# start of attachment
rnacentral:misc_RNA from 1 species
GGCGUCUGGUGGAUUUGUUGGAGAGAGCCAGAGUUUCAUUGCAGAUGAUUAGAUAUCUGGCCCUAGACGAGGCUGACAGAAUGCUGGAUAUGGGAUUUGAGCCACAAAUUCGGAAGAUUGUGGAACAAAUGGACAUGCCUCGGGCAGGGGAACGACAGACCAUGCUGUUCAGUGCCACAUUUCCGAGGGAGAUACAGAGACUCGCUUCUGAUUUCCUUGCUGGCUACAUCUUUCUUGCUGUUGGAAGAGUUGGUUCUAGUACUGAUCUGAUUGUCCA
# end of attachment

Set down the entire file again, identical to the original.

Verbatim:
rnacentral:misc_RNA from 1 species
GGCGUCUGGUGGAUUUGUUGGAGAGAGCCAGAGUUUCAUUGCAGAUGAUUAGAUAUCUGGCCCUAGACGAGGCUGACAGAAUGCUGGAUAUGGGAUUUGAGCCACAAAUUCGGAAGAUUGUGGAACAAAUGGACAUGCCUCGGGCAGGGGAACGACAGACCAUGCUGUUCAGUGCCACAUUUCCGAGGGAGAUACAGAGACUCGCUUCUGAUUUCCUUGCUGGCUACAUCUUUCUUGCUGUUGGAAGAGUUGGUUCUAGUACUGAUCUGAUUGUCCA